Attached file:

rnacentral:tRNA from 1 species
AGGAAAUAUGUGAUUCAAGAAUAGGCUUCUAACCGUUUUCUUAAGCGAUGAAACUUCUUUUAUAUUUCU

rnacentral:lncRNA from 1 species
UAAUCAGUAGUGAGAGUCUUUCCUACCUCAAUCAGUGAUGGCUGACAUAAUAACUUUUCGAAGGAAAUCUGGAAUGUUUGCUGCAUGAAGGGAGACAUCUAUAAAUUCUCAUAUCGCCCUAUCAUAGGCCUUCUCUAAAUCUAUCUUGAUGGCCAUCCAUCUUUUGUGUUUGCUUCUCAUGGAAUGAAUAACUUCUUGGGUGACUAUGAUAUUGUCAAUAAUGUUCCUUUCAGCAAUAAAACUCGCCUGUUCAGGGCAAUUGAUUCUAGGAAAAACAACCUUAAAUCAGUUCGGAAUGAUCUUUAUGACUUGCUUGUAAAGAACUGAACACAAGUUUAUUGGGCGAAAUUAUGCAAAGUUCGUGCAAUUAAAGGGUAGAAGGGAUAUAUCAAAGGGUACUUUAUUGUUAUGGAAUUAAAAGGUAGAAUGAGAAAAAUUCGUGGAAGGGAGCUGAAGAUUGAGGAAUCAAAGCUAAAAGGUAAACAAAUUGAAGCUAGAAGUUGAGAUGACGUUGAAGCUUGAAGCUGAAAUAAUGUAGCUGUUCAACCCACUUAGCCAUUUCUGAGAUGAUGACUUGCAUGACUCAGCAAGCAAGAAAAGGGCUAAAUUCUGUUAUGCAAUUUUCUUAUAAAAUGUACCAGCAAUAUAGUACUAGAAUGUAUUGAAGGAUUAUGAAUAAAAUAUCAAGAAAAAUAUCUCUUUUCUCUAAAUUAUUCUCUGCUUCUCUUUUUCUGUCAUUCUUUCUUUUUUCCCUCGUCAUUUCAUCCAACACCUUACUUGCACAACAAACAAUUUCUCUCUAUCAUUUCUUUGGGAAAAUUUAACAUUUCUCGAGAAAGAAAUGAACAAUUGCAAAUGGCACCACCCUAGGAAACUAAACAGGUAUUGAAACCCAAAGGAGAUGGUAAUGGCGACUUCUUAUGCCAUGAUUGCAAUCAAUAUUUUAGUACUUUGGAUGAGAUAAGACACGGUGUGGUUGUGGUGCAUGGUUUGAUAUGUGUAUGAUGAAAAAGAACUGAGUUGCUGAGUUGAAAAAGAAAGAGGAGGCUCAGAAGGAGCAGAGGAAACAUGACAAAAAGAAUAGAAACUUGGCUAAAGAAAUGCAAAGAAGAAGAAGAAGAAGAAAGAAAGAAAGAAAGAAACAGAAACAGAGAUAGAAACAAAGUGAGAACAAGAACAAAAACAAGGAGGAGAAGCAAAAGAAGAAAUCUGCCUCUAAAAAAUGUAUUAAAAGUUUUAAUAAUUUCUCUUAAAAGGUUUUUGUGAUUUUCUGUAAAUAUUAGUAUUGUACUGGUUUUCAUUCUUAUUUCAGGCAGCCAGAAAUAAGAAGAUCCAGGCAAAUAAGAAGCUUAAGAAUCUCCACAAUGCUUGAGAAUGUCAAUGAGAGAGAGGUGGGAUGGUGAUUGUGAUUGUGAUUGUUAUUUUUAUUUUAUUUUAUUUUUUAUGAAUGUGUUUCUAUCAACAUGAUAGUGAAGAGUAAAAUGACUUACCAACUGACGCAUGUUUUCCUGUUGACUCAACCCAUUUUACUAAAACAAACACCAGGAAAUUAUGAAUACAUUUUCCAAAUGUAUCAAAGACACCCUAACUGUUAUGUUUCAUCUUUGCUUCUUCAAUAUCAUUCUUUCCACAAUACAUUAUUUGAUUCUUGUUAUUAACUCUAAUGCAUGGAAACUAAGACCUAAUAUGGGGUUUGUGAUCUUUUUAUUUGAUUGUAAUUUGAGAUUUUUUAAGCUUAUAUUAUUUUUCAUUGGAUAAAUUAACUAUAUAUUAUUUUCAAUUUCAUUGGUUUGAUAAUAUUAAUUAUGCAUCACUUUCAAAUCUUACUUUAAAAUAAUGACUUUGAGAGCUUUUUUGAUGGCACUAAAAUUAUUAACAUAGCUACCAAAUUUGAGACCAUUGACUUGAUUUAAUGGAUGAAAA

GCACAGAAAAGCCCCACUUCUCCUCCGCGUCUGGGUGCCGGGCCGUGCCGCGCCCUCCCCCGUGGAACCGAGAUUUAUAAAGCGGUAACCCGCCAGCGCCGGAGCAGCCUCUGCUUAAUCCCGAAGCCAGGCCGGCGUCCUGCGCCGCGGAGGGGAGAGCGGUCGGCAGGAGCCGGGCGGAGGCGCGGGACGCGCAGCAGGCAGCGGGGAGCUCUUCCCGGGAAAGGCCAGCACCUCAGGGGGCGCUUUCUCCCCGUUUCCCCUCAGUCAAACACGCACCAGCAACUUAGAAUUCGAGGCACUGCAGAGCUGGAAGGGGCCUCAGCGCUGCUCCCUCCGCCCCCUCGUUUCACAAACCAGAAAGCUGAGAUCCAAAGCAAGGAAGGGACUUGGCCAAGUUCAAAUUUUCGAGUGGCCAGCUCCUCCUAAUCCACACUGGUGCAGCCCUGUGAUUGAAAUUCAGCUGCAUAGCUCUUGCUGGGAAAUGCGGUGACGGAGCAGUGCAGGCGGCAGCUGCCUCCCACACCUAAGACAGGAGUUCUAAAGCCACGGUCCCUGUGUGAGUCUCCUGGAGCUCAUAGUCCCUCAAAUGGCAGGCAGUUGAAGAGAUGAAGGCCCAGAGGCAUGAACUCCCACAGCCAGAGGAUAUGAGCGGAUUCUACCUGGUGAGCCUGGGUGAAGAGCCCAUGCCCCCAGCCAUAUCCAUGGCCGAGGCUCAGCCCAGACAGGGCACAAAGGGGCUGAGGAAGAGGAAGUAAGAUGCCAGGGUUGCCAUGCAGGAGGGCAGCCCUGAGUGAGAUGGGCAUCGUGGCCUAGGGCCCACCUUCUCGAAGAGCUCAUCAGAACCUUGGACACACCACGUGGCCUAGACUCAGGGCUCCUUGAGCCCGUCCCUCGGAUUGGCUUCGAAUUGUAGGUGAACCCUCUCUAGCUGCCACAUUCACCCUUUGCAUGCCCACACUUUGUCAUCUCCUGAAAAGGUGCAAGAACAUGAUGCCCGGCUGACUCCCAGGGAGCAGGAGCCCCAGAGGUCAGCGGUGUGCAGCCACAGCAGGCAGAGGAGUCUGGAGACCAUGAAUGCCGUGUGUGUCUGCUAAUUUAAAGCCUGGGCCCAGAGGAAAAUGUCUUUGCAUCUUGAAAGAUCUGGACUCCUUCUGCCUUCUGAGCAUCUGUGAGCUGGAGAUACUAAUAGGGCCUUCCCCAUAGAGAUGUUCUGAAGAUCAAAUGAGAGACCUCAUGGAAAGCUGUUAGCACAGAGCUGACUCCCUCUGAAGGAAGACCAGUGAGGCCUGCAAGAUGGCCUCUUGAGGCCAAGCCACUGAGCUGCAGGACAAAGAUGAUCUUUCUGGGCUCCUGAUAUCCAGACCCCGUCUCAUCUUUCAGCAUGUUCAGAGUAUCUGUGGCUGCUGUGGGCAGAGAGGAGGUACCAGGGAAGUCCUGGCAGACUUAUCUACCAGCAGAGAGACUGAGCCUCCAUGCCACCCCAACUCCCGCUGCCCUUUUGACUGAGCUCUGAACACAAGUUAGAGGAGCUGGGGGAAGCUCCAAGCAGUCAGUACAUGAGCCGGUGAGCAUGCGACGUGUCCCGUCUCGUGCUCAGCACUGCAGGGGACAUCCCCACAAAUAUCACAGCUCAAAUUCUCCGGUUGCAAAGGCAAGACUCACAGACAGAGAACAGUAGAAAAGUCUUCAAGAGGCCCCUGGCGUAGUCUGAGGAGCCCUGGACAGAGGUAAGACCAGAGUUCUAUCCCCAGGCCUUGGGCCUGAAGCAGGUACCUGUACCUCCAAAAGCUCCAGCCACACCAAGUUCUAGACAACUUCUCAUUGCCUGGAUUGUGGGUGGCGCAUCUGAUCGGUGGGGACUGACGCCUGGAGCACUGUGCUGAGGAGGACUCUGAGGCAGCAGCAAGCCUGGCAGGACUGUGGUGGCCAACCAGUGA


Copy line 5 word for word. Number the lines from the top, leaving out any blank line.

GCACAGAAAAGCCCCACUUCUCCUCCGCGUCUGGGUGCCGGGCCGUGCCGCGCCCUCCCCCGUGGAACCGAGAUUUAUAAAGCGGUAACCCGCCAGCGCCGGAGCAGCCUCUGCUUAAUCCCGAAGCCAGGCCGGCGUCCUGCGCCGCGGAGGGGAGAGCGGUCGGCAGGAGCCGGGCGGAGGCGCGGGACGCGCAGCAGGCAGCGGGGAGCUCUUCCCGGGAAAGGCCAGCACCUCAGGGGGCGCUUUCUCCCCGUUUCCCCUCAGUCAAACACGCACCAGCAACUUAGAAUUCGAGGCACUGCAGAGCUGGAAGGGGCCUCAGCGCUGCUCCCUCCGCCCCCUCGUUUCACAAACCAGAAAGCUGAGAUCCAAAGCAAGGAAGGGACUUGGCCAAGUUCAAAUUUUCGAGUGGCCAGCUCCUCCUAAUCCACACUGGUGCAGCCCUGUGAUUGAAAUUCAGCUGCAUAGCUCUUGCUGGGAAAUGCGGUGACGGAGCAGUGCAGGCGGCAGCUGCCUCCCACACCUAAGACAGGAGUUCUAAAGCCACGGUCCCUGUGUGAGUCUCCUGGAGCUCAUAGUCCCUCAAAUGGCAGGCAGUUGAAGAGAUGAAGGCCCAGAGGCAUGAACUCCCACAGCCAGAGGAUAUGAGCGGAUUCUACCUGGUGAGCCUGGGUGAAGAGCCCAUGCCCCCAGCCAUAUCCAUGGCCGAGGCUCAGCCCAGACAGGGCACAAAGGGGCUGAGGAAGAGGAAGUAAGAUGCCAGGGUUGCCAUGCAGGAGGGCAGCCCUGAGUGAGAUGGGCAUCGUGGCCUAGGGCCCACCUUCUCGAAGAGCUCAUCAGAACCUUGGACACACCACGUGGCCUAGACUCAGGGCUCCUUGAGCCCGUCCCUCGGAUUGGCUUCGAAUUGUAGGUGAACCCUCUCUAGCUGCCACAUUCACCCUUUGCAUGCCCACACUUUGUCAUCUCCUGAAAAGGUGCAAGAACAUGAUGCCCGGCUGACUCCCAGGGAGCAGGAGCCCCAGAGGUCAGCGGUGUGCAGCCACAGCAGGCAGAGGAGUCUGGAGACCAUGAAUGCCGUGUGUGUCUGCUAAUUUAAAGCCUGGGCCCAGAGGAAAAUGUCUUUGCAUCUUGAAAGAUCUGGACUCCUUCUGCCUUCUGAGCAUCUGUGAGCUGGAGAUACUAAUAGGGCCUUCCCCAUAGAGAUGUUCUGAAGAUCAAAUGAGAGACCUCAUGGAAAGCUGUUAGCACAGAGCUGACUCCCUCUGAAGGAAGACCAGUGAGGCCUGCAAGAUGGCCUCUUGAGGCCAAGCCACUGAGCUGCAGGACAAAGAUGAUCUUUCUGGGCUCCUGAUAUCCAGACCCCGUCUCAUCUUUCAGCAUGUUCAGAGUAUCUGUGGCUGCUGUGGGCAGAGAGGAGGUACCAGGGAAGUCCUGGCAGACUUAUCUACCAGCAGAGAGACUGAGCCUCCAUGCCACCCCAACUCCCGCUGCCCUUUUGACUGAGCUCUGAACACAAGUUAGAGGAGCUGGGGGAAGCUCCAAGCAGUCAGUACAUGAGCCGGUGAGCAUGCGACGUGUCCCGUCUCGUGCUCAGCACUGCAGGGGACAUCCCCACAAAUAUCACAGCUCAAAUUCUCCGGUUGCAAAGGCAAGACUCACAGACAGAGAACAGUAGAAAAGUCUUCAAGAGGCCCCUGGCGUAGUCUGAGGAGCCCUGGACAGAGGUAAGACCAGAGUUCUAUCCCCAGGCCUUGGGCCUGAAGCAGGUACCUGUACCUCCAAAAGCUCCAGCCACACCAAGUUCUAGACAACUUCUCAUUGCCUGGAUUGUGGGUGGCGCAUCUGAUCGGUGGGGACUGACGCCUGGAGCACUGUGCUGAGGAGGACUCUGAGGCAGCAGCAAGCCUGGCAGGACUGUGGUGGCCAACCAGUGA